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Proceeds of Crime Act (POCA) & confiscation

We have a team of expert fraud lawyers experienced in dealing with cases involving confiscation orders under the Proceeds of Crime Act 2002 (POCA). At Stephensons we often receive requests to take over cases after there has been a conviction so that we can deal with the confiscation proceedings. Our reputation in this area is growing and we are often recommended by those we are already representing. We owe this to a large extent to the reputation we have for dealing with high profile appeal cases, civil liberties matters and human rights in general. We deal with cases nationwide and have the expertise to deal with the difficult issues that arise in these cases.

Our experienced lawyers have the expertise and knowledge to look at the required level of detail to defend you. Contact us on 01616 966 229 or complete our online enquiry form.

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Confiscation proceedings

When POCA came in there was a huge upsurge in confiscation proceedings. Prior to that, confiscation proceedings had been limited to the powers under the Criminal Justice Act 1988 and the Drug Trafficking Act 1994. POCA extended the confiscation powers to financial crime and gave the courts wide ranging powers to confiscate assets and to make ‘assumptions’ as to how certain assets had been obtained. If an asset was said to be the benefit of criminal conduct then potentially it could be confiscated. The court then looks to the available amount to find out what assets are held and the value of those assets. A confiscation order can be made in the sum of the benefit of criminal conduct or the sum of the available amount whichever figure is the lower. If this sum remains unpaid then a term of imprisonment can be imposed for non-payment. POCA also introduced a series of criminal offences relating to money laundering.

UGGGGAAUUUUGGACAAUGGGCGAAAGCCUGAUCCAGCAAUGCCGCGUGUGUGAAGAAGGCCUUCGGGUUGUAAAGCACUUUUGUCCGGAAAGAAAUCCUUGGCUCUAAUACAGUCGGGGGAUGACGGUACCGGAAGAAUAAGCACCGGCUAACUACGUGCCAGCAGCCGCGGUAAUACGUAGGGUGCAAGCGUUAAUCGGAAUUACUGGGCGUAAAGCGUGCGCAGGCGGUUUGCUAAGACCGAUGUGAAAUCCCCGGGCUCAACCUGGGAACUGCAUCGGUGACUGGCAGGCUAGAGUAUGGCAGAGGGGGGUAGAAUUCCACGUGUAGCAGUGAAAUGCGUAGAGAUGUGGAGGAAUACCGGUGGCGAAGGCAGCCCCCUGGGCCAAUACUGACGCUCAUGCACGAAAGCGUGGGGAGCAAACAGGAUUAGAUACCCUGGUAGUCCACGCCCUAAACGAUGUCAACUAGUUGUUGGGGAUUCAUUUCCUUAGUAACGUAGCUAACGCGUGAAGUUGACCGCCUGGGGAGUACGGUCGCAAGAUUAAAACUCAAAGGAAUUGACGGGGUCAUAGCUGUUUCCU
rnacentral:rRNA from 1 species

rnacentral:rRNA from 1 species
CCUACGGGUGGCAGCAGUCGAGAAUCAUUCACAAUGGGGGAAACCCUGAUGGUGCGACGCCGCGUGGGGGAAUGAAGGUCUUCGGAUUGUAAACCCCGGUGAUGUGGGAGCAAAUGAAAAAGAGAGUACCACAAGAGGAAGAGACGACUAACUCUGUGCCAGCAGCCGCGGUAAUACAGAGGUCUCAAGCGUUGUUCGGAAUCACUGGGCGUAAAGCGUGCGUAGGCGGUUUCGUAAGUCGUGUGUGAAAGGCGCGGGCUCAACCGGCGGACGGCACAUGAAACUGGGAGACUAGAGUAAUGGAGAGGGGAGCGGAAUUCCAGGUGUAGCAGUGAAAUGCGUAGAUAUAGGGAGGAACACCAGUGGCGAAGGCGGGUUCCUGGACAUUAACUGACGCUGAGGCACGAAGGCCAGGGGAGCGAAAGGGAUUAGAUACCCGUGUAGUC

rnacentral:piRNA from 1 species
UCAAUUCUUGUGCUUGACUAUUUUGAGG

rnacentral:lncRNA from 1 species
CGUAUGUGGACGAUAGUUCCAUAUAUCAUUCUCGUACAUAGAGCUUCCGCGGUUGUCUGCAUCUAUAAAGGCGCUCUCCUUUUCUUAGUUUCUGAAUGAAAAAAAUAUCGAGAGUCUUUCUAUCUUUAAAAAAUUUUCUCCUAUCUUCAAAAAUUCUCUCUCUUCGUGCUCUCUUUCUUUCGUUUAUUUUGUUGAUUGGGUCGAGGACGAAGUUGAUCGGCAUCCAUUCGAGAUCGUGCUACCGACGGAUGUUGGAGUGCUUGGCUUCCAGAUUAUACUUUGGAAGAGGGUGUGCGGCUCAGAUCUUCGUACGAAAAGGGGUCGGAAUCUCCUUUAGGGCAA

Confiscation proceedings only take place after someone has been convicted of an offence. More often than not the Prosecuting authority will take the view that the offences involved constitute a ‘criminal lifestyle’ under the Act. This can be done if the offence was said to have taken place over a period of six months or more. This means that the court can consider any items or acquisitions from the 6 years preceding the date of the commencement of the proceedings. The court is then entitled to assume that any transaction within that period is the proceeds of crime and it is up to the defendant to prove that it isn’t. 

As a result of this the benefit of crime figure may be much higher than you first think. An example of this would be if some of the money gained from the crime is used to pay off part of a mortgage. This payment would then ‘taint’ the rest of the property and the entire equity in the property would be a benefit of the crime not just the mortgage payment figure. At Stephensons we do not simply accept the Prosecution’s view of the benefit of crime and ensure that the figures are meticulously challenged. We often instruct forensic accountants to assist with this to counter problems such as ‘double counting’ of assets. We always have it in mind that the higher this figure is, then the higher a possible term of imprisonment could be if there is a non-payment following a confiscation order. Our clients’ liberty is paramount.